Let’s crunch some numbers.
We’ve roughly reached the midway point of Nebraska’s 2022 season, and that means the team has already put up a good sample size of numbers in the box score. While numbers don’t tell the entire story in the ever-complicated world of volleyball, a lot of interesting storylines can be gleaned from Nebraska’s season statistics. A variety of lineups, offensive systems, and injuries have led to a fascinating distribution of individual stats.
So, let’s bring in a few storylines here. We’ll be checking out a mixture of player- and team-based stats as we try to paint a picture of where things stand heading into the season’s midpoint.
Top of the Chart
It’s no surprise that Nebraska prides itself on consistent lockdown defense. That area is the focal point of the team’s success yet again, as the Huskers lead the nation in opposing hitting percentage with a 0.115 mark.
Nine of Nebraska’s prior 2022 opponents–Texas A&M-Corpus Christi, Tulsa, Pepperdine, Long Beach State, Kentucky, Rutgers, Maryland, Michigan State, and Penn State–have all posted their season-low single-match hitting percentage against the Huskers. It’s a testament to the team’s ability to adapt to a variety of schemes and tempos offered by this wide range of opponents.
This top-ranked opponent hitting percentage is accompanied by ranks of fifth in blocks per set and 83rd nationally in digs per set. Even when the Huskers aren’t getting stuff blocks for the stat sheet, the team has been efficient at creating block touches and “unforced” hitting errors that contribute to the nation’s best opponent attacking clip.
Offensive distribution was often a major talking point at the press conferences I attended as a student reporter. I learned to expect it. Things still haven’t changed, and this year’s 6-2 system adds another layer to this discussion.
Last season, outside hitter Madi Kubik emerged as the unquestioned focal point of the Nebraska offense. Kubik averaged just over 10 attempts per set, which amounted to nearly 1,200 swings over the course of the 2021 campaign. The next-highest swing total on the Nebraska roster was Lindsay Krause‘s 725. Indeed, some of that disparity can be attributed to Nebraska’s frequent swaps at the L1 position between Ally Batenhorst and Lexi Sun. Still, Kubik carried a heavy load for a Nebraska team that made the NCAA championship match despite a disappointing .222 season hitting percentage.
This year’s dynamic has shifted slightly with a new system and new personnel. Kubik still takes the highest volume of swings for the Huskers, but not to the disproportionate degree of 2021. The senior left side is now averaging just over eight and a half attempts per set, down from the double-digit totals from last fall. Most notably, Nebraska’s 6-2 system has diminished the frequency of Kubik’s back-row pipe attacks with three frontcourt attacking options available in every rotation.
The emergence of sophomore Whitney Lauenstein on the right pin has also taken a lot of offensive burden off of Kubik’s shoulders this year. Nebraska’s stat sheet alone illustrates just how dramatic Lauenstein’s ascent has been. After appearing in just 67 of the 121 sets that the Huskers played last year, Lauenstein has been a permanent fixture in the 2022 lineup and is just 50 swings shy of Kubik’s team-leading total. Lauenstein’s .260 hitting clip is also a much more efficient output than Nebraska had at the position a year ago.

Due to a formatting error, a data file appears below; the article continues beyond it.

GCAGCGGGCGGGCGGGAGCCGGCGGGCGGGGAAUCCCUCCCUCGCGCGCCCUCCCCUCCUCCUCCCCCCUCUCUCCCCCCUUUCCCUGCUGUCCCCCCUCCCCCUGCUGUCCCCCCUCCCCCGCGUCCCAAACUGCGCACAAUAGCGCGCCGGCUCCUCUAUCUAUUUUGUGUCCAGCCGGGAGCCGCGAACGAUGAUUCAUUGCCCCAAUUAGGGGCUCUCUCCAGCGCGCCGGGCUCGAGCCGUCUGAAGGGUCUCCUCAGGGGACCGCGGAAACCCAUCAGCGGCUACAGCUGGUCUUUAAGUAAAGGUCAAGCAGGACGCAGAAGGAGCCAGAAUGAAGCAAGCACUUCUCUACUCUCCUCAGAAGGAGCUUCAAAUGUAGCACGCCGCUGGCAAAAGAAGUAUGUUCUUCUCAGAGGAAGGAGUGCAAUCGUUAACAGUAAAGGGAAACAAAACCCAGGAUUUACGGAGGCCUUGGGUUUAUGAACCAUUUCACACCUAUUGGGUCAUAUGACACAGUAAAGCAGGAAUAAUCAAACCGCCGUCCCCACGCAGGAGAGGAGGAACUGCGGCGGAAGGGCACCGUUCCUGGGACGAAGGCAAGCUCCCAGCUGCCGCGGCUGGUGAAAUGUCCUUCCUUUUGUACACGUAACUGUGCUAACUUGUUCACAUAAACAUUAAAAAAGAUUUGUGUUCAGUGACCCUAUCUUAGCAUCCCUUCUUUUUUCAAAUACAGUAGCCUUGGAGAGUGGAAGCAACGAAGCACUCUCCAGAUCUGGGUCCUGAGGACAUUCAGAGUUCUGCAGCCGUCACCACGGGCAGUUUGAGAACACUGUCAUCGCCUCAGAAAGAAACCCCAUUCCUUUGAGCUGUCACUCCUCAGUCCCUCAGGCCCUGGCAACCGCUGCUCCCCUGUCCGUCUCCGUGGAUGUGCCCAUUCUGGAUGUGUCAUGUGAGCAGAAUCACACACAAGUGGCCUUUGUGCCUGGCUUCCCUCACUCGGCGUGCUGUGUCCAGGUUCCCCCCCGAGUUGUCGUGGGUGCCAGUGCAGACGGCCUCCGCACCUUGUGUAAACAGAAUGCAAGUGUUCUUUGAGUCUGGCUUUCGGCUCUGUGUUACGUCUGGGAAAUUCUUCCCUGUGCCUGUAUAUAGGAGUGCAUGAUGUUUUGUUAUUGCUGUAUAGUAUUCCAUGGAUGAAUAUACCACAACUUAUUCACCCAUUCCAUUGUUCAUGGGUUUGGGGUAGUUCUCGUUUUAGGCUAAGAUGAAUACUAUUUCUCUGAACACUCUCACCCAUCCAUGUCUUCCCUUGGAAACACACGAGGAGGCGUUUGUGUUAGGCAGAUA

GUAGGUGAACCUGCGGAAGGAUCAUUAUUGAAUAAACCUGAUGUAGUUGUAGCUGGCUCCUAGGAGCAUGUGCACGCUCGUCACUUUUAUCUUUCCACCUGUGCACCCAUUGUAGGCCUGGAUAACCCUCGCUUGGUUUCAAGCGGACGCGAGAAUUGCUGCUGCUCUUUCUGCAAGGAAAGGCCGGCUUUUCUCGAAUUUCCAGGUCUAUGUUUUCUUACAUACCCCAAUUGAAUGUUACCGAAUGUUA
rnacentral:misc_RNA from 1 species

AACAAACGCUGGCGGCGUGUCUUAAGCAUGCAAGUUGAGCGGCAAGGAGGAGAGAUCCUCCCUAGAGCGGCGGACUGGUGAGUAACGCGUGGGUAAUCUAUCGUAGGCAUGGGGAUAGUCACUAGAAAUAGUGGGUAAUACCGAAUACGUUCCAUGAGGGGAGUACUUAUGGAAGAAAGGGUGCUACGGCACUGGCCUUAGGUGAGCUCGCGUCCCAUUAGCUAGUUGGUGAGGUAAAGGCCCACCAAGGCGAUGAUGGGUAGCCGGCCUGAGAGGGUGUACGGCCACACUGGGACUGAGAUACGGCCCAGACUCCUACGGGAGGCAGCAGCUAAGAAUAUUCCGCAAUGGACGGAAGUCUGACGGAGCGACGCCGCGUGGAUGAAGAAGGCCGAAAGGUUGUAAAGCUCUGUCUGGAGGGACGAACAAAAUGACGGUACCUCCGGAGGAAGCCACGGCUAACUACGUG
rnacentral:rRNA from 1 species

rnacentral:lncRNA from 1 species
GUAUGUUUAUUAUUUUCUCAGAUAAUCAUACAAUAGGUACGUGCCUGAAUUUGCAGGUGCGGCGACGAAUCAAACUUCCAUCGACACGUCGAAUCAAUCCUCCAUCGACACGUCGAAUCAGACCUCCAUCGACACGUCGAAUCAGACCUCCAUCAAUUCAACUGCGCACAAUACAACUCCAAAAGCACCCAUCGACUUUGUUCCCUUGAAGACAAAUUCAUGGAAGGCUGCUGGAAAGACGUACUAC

Sophomores Krause and Batenhorst are both hovering at about two kills per set so far this year. It’s been an event start to the season for both athletes, with Batenhorst recently returning to the lineup after an injury and Krause flipping between the left and right pins throughout the year. True freshman Maggie Mendelson has also spent time at both middle blocker and opposite and is pitching in a kill per set when she’s in the lineup.
Speaking of middle blockers, Nebraska likely wants to keep working on getting the middles more involved in this year’s system. It’s a position with entirely new personnel following the departures of Kayla Caffey and Lauren Stivrins, both of whom pitched in at least 2.3 kills per set last season. Bekka Allick and Kaitlyn Hord are yet to eclipse a two-kill-per-set season average despite having a comparable hitting percentage to last year’s starters.
- Nebraska is significantly outpacing the rest of the conference in allowing service aces. The Huskers have yielded 30 total service aces in 57 sets played, which almost equates to giving up one ace per two sets. The next-best mark in the Big Ten is Penn State’s 60 reception errors in 69 sets. Nebraska, Penn State, and Wisconsin are the only Big Ten teams averaging fewer than one reception error per set.
- Hord has climbed to third nationally in individual blocks per set with 1.61 following the Penn State-Northwestern weekend. The two blockers ahead of her in the national leaderboards both hail from the Big Ten: Maryland’s Rainelle Jones and Wisconsin’s Danielle Hart. All three are using their final year of eligibility this fall.
- Through Nebraska’s first 17 matches, the Huskers have won the opening set in all but one of those contests. The only exception is the Stanford match on Sept. 13–Nebraska’s only loss.